That being said, half of your photos are forgettable at best, memorably bad at worst. The shirtless guy? Flush both pictures and don't look back. The brunette with the black shirt standing in the field? Lose that picture and forget where you put it. The two of Taylor Chevy? Take them down. She's cute but it's not enough to take a picture of a cute model; you need to take stunning pictures of people (cute or ugly).

Your most engaging photo based on lighting and composition is probably this one:

http://photos.modelmayhem.com/photos/120528/11/4fc3c9b71578c_m.jpg

Make that your avatar.


I realize I'm not speaking specifics. So, why's Whitney Renae standing out in the middle of a field in lingerie? Either you use that location to make it really, really ironic that she's out of place (and make the viewer get behind it) or you put her in a setting that makes more sense. Anywhere in a domestic setting would be preferable. A bedroom is an obvious choice but you could also do a den. If you want to do irony, put her in a kitchen. Decked out in come-fuck-me gear, a cigarette hanging from her mouth with a bored look on her face as she stands with a pan in one hand and a spatula in the other… suddenly you have a photo with teeth. It's got a bite and it's making the viewer consider. We see that picture now and all with think is "Lingerie in a field? WTF?"

The picture of your guy without a shirt. You put him in athletic gear and he needs to be a beefcake. He should at least have the body-type of an A&F model (not the little shits they pay $7.50 an hour to fold clothes, I'm talking about the agency models they have in their ads). With his body type, he needs to be in a skinny Calvin Klein suit with the shirt unbuttoned and an untied bowtie. But you have to have a wardrobe budget to make that happen. Which, gauging by your work and location, you probably don't have the budget or the access. That's not a slight; you need a really good stylist for that. When I shoot fashion, I have a stylist and that's her job. She can pull dresses that cost $15K and I assure you I'm on the low end of the fashion world. Fashion is an undertaking.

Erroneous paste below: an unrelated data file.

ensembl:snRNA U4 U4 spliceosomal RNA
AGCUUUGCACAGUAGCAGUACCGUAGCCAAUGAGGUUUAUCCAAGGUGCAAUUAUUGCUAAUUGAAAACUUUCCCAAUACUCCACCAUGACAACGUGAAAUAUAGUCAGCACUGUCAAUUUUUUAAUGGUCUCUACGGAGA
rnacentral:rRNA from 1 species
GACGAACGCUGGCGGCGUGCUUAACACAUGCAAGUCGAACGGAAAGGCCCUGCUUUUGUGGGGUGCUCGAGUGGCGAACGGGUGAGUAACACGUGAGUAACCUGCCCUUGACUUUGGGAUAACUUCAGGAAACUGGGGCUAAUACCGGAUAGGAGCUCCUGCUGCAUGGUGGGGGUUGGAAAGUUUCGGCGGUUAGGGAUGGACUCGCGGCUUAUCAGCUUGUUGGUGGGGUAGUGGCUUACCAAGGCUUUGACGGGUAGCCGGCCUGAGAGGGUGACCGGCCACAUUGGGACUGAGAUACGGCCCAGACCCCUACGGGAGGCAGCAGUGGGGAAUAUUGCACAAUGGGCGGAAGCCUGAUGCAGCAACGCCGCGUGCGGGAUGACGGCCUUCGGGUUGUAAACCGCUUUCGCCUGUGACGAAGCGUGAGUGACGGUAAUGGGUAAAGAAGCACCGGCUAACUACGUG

I got side-tracked though. Brick walls are notoriously bad backdrops because they compete for the viewer's eye. You don't want a background that upstages your subject. And your contrast isn't dynamic enough to make it work in B&W. It just becomes a muddled gray blob with a brick pattern in the background; no one looks at the guy. The pattern of the brick and texture of the grass successfully turn your guy into an afterthought. The picture would actually be better without him in it.